Transparency. It’s a big word in SEO, largely because the industry and its processes often seem somewhat shrouded in mystery to those not involved.
If you ask what information SEOs should share with their clients, the answer you get will probably vary from company to company. But here are some things we think you should definitely have visibility over.
Whatever Analytics software is used to track your traffic, you should have access. Whether it’s Google Analytics or another package, you should have the ability to go in and see all of the data within. Your SEO agency should report based on statistics from Analytics, but you should, in addition, be able to have a look for yourself and see progress, traffic levels and where that traffic is coming from.
Analytics should be set up in such a way that you are not depending on your SEO company to be able to access it. If you leave your SEO, for example, for whatever reason, you should still have your Analytics. That’s data about your site and the historical information can be valuable to your overall Internet marketing campaign going forwards.
It is perfectly reasonable that your SEO company might set up their own filters or conversion monitoring within Analytics and they may ask you not to edit the profile. This is valid – but should not prevent you from logging in and seeing the information for yourself.
We continually say, “˜SEO is not all about chasing rankings.’ And it isn’t! Conversion (we’ll talk about that in a moment) to lead or sale, thus a return on your investment is of course the fundamental objective. But rankings do of course play a major part in this and, particularly in the early days of a campaign, it will be a key indicator as to the performance of your campaign. So your search engine optimisation company should absolutely report on rankings for core campaign keywords.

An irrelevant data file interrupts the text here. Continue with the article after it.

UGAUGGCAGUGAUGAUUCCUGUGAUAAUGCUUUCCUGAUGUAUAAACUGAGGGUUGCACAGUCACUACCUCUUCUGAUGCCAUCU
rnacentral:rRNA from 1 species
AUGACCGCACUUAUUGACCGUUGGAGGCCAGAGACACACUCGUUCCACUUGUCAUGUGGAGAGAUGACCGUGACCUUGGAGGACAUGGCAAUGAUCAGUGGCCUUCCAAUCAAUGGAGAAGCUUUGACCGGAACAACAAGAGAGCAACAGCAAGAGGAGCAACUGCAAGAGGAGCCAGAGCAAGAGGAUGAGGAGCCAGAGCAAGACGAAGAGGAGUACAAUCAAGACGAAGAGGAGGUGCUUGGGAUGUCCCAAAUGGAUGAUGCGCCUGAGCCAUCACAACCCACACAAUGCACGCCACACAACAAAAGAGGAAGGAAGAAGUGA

Again, this is information that will be available within Analytics. But your SEO company should make clear in reports which traffic can be attributed to the SEO campaign – where traffic is coming from, which keywords are referring it etc.
The point of a SEO campaign is to generate a healthy return on your investment. Again, it is often something that can be tracked within Analytics and that you will then be able to see with access to Analytic, but you should expect your SEO company to be open and honest about conversion rates. If you get to number 1 for what you and your SEO thought was a great keyword and you find that it isn’t converting to sales or enquiries, you need to know that!
Your SEO company should be able to tell you how each keyword is performing.
Any changes your SEO company makes to your website should be changes you are aware of. There can be no valid reason for “˜secretive’ changes to your site.
At the beginning of a campaign, an in depth on page audit will often take place and the recommendations should be clearly documented for you so you know not only what your SEO wants to do to you site, but why they want to do that and what the potential benefits are.
It’s reasonable for you to want to know exactly how your SEO company will be going about acquiring links back to your site – after all, you will need to know that the methods are organic, sustainable and will not put your website at risk through “˜spammy’ methods.
So an overview of the methods they use, along with a few examples, is perfectly reasonable.
Now this is where we’d actually say there is justification in withholding some information. SEO agencies invest a lot of resources into building contacts, building relationships with bloggers and websites and acquiring high quality links this way. While we feel you are entirely entitled to know how links are being built as well as receiving examples, for a SEO company to hand over a complete list of links is essentially them handing to you a list of their suppliers.
Transparency and two way dialogue are critical for a successful SEO campaign. You, as the client, should be open prior to beginning a campaign with a company in terms of what you expect and your SEO company should be clear with you about the information they will be providing you with.
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About the Author
Stacey joined us in 2009 as a junior copywriter; now she’s a recognised figure on the global speaking circuit, having wowed audiences in the UK, Europe and US – including at MozCon 2014. She leads our search team and works with clients to deliver high-level campaign strategies.Visit Stacey's Page
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